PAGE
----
A trio of campus events this spring highlighted an arc of women’s leadership at Brown, past and present.
In February, the Pembroke Center for Teaching and Research on Women hosted a dinner celebrating a successful Archives Endowment campaign that will enable the Center to maintain two historical archives. The event paid tribute to Nancy L. Buc ’65, a fierce champion of women at Brown whose vision and philanthropy were central to the Archives project.
Buc’s leadership, like that of many women leaders of her time, was rooted in a broader struggle for equality. There was a principled audacity about it, an irreverence aimed at bucking conventional wisdom and fighting the powers-that-be.
As a sophomore, Buc, an early civil rights advocate, led Pembroke students to support the enrollment of James Meredith’s enrollment at the University of Mississippi. And during her long service on the Brown Corporation, she consistently promoted equality and inclusion for women and minorities among faculty, students, and staff.
The 1960s was an era when securing equality in pay, faculty appointments, promotion and tenure, or advisory panel membership had to be a priority for women, because such equality was hard, if not impossible, to come by. At Brown, it was an era that culminated in a Title VII sex discrimination class action launched by professor Louise Lamphere, whose leadership changed the course of women’s faculty representation at the University.
Forty years after the 1977 settlement of the Lamphere case, audacity and irreverence infuse women’s leadership at Brown. Now, though, the struggle is less about equal standing and more about academic strength and advancing groundbreaking knowledge that has impact in the world.
In April, Brown hosted a symposium on Inspiring Women in Science that showcased the work of six internationally acclaimed women scientists, including Brown professor and founding director of the Institute at Brown for Environment and Society, Amanda Lynch.
Her talk, Sea Ice and the Polar Vortex, was a window into her bold scholarship on adaptive environmental governance in vulnerable Arctic communities affected by climate change. For her, eliciting indigenous views of what retreating ice means to herding and fishing populations helps researchers inform resilient policies that serve a locally-defined “common good.” The talk captured the creativity, intellectual independence, and social consciousness that so many women have brought to Brown in the decades since the Pembroke era.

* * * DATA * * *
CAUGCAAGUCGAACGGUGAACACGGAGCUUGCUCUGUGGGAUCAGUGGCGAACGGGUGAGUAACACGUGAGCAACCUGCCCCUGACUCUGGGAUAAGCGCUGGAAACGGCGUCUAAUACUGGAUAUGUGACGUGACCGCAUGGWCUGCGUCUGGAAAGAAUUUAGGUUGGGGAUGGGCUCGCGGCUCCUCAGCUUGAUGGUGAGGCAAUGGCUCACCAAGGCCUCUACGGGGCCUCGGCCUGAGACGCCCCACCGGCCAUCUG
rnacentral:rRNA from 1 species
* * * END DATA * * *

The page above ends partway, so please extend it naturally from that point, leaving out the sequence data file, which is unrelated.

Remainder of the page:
Other researchers breaking new ground include Diane Lipscombe, director of the Brown Institute for Brain Science, who seeks potential ALS breakthroughs, and economist Justine Hastings, who researches public policy behind food stamp benefits and student loan programs. Today, women at Brown lead by modeling the curious, collaborative, innovative teaching-and-research culture that we believe fosters excellence and opens doors to discovery. They lead not because they are women but because they are exceptional in their fields, and are generating knowledge of consequence to human experience.
Finally, a conference celebrating 125 Years of Women at Brown convened in early May. Generations of alumnae gathered to celebrate the contributions women have made, and still make, to the University.
Amid all the progress, challenges hearkening back to the era of Nancy L. Buc and Louise Lamphere remain: women still make up only 30 percent of Brown faculty, with particularly low representation in STEM fields. Yet, when Fed chair Janet Yellen ’67, U.S. Senator Maggie Hassan ’80, Pulitzer prize–winning playwright Lynn Nottage ’86, and other women leaders took their turns at the podium, the full measure of what women’s leadership has long meant to Brown was evident to all.